Attracted by the friendly and passionate atmosphere, I joined the club and received two basic manuals. One is the Competent Communication manual, which focuses on learning and practicing speech skills, such as the organization of a speech, the use of body language, and vocal variety. The other is the Competent Leadership manual, which includes different tasks and responsibilities to develop leadership skills, such as evaluating other people’s speeches, being a Toastmaster, and mentoring a new member. Upon completion of each manual, a corresponding award is granted, and there are more advanced manuals to help continue one’s improvement afterwards. Since I began the adventure of improving my public speaking and leadership skills at the Hunter Toastmasters club (http://huntertoastmasters.org/), I have given six prepared speeches, participated in a debate tournament, organized a meeting as a Toastmaster, led table topics as a Topics Master, and evaluated three speeches. Never in my wildest dreams would I have imagined being able to find the courage to do all these things a year ago.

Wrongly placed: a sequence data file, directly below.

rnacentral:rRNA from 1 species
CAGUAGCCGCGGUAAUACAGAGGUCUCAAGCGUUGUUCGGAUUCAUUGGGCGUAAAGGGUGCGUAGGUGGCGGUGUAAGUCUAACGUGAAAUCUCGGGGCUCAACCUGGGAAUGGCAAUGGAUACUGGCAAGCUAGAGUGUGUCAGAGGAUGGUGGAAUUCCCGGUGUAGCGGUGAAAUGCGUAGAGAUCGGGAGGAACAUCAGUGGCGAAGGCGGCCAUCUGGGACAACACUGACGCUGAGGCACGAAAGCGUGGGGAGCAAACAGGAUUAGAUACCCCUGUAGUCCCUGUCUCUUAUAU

Since I became a member of the club, I have heard about many hilarious experiences, touching stories, and inspiring speeches. I have met great people who are so energetic and encouraging. For example, Junior Baptiste, the President of the Hunter Toastmasters, felt painfully anxious at the thought of performing in front of a large audience when he was in high school. However, his passion for poetry helped him build confidence in front of the audience when he performed at talent shows. Afterwards, he took classes such as Argument and Debate and Public Speaking in college, which led him to where he is now. Junior told me, “…the audiences are almost always supportive.., and the fears that we experience … are nothing other than negative stories our mind creates.” I also met a member of Toastmasters International from Canada, Marie Betteley. Marie has been visiting different clubs in NYC, Paris, and Moscow when she travels around the world. These experiences have opened up new horizons for her. She has met many international friends with the same goal-- building self-confidence through developing leadership and public speaking skills.
Now, going to the club has become part of my life. Strong friendships have been established among the club members. When I need help, I know I am not alone and I am learning every day. Although the change we seek always requires great courage, it is never too late to improve.
Many special thanks to Junior Baptiste and Marie Betteley for sharing their experiences with me for this article.
The author of the You Are Not Alone series, Yue Liu, is a doctoral candidate at Hunter College and CUNY’s Institutional Representative of INET NYC. Please email Yue at firstname.lastname@example.org if you have any ideas for our future blogs.